The Imperial campaign comes in two flavors – full campaign and mini campaign. A full campaign requires that the player hold Rome and 50 provinces. This is true for all factions, even non-Roman ones. The mini-campaigns, also available to the alternate civilizations, require the player to defeat or outlast one or two enemies, and to hold 15 provinces.
While 50 provinces may not sound like a lot compared to the totals acquired in Medieval, it is an epic achievement in Rome. AI civilizations are tougher, more aggressive and better managers than in previous games. While the AI does make some glaring mistakes at times, it is very smart about picking its battles, ganging up on weak neighbors and in general being far more of a nuisance than it was in the earlier titles. It took me the better part of a week, with many red-eye nights, to achieve a full campaign victory.
The alternate civilizations – Britons, Carthaginians, Egyptians, Gauls, Germans, Greeks, Parthians, and Seleucids, are unlocked in one of two ways. Should the player win the grand campaign, all civilizations are unlocked. Also, if he’s not finished it but has personally
defeated one of these, it becomes available for a new imperial campaign. Other civilizations, like Macedon, Pontus, Thrace, Scythia, Numidia and Spain are not playable, which is a shame in some cases such as Macedon, who have a nice complement of units.
Typically, the same goals wired into the mini-campaigns are also what the AI tries to achieve. Thus, the Seleucids and Egyptians will almost certainly have a showdown, typically going in favor of the Pharaoh’s men. Similarly, Macedon and the Greek Cities tend to duke it out before the Brutii sweep in and wipe them off the map.
From diplomatic negotiations, it seems as if the AI is also keyed in to try and control certain provinces. The Egyptians always tried to scam Cyprus and Tarsus away during peace negotiations, for example. This lends a great deal of believability, especially since peace negotiations are never easy and, if anything, too often rebuffed by the AI. This does have the effect of making wars grand – often lasting 30, 40 years, not unlike in history. The Egyptians were my particular foe late in the game, being full of resources and churning out armies packed with those damnable chariot archers that prove so difficult to kill despite their defense rating of 1.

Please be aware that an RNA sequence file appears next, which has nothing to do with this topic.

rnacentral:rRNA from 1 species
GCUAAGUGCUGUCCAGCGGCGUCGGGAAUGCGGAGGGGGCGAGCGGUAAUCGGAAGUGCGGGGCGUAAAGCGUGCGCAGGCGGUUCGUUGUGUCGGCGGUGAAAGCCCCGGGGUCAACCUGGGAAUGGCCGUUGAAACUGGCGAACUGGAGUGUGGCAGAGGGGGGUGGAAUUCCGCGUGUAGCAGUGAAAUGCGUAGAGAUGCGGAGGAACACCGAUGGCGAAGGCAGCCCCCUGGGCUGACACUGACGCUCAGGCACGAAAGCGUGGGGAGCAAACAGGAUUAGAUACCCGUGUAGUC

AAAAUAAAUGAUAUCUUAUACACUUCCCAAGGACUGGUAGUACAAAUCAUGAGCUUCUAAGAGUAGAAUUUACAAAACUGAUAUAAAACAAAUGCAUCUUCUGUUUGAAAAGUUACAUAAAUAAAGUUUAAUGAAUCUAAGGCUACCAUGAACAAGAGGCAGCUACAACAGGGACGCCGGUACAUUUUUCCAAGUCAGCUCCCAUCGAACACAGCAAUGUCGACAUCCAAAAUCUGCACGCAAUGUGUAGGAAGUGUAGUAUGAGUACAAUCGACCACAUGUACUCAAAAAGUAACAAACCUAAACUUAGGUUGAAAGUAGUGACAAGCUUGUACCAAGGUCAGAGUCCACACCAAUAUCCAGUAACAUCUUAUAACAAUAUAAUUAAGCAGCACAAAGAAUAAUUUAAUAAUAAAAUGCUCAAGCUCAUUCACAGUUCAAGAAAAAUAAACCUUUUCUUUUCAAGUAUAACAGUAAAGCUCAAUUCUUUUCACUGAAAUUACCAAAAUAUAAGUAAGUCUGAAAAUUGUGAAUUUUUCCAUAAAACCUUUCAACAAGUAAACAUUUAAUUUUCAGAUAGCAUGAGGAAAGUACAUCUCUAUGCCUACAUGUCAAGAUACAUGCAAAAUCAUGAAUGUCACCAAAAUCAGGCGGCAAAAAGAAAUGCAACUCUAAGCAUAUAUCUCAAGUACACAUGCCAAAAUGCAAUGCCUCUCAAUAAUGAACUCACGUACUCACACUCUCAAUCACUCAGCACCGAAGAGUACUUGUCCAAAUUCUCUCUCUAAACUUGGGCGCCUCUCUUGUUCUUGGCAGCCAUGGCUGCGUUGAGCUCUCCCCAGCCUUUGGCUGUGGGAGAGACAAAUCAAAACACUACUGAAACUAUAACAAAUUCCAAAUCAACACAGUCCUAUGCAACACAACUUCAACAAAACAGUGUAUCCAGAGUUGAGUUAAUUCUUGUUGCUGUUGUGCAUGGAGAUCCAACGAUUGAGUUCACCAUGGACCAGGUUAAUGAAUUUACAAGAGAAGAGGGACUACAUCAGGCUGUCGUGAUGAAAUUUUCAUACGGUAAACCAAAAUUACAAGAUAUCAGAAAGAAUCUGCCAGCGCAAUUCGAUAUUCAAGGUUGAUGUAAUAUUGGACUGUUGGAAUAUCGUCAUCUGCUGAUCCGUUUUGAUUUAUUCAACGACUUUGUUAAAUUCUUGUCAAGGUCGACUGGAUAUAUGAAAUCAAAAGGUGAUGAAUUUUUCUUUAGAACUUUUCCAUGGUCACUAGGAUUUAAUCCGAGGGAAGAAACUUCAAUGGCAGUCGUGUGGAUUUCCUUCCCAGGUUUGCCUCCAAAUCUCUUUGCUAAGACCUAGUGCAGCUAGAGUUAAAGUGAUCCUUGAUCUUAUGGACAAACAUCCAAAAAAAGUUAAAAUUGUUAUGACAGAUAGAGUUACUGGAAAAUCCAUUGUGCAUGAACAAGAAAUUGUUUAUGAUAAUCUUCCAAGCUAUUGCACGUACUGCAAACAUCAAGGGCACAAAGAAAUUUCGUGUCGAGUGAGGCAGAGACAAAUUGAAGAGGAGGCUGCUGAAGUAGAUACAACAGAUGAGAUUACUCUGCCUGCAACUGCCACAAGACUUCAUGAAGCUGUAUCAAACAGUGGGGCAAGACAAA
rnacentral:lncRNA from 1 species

The player is encouraged to follow the suggestions of the Senate with rewards like units and money, as well as Senate offices. Senate offices are a great way to boost the stats of the family generals, who are all-important in this game. Cities and armies function best when they have a competent general running them, though we noticed that there are disturbingly many negative traits being assigned to our characters. This is quite unlike our experience at the San Francisco event, where most of the traits were positive. We’re not sure if this is a balance issue or if it’s simply a changed style of play (as the Brutii I spent a lot more time in my cities defending against onslaughts, rather than facing Gauls in the field as the Julii).
Speaking of sitting in cities, sieges are a totally different beast now. Walls have a huge effect on the outcome of a battle. If you or your opponent don’t prepare well enough for the siege, it’s impossible to carry it off. A lone battering ram may be good enough for a wooden palisade or even wall, but once stone comes into play, it’s time to build siege towers (forget ladders, they’re useless) and even bringing your own artillery along to batter the walls. We just wish that there was a way to position scorpions and ballistae on towers to give some return fire, but alas, not all can be perfect.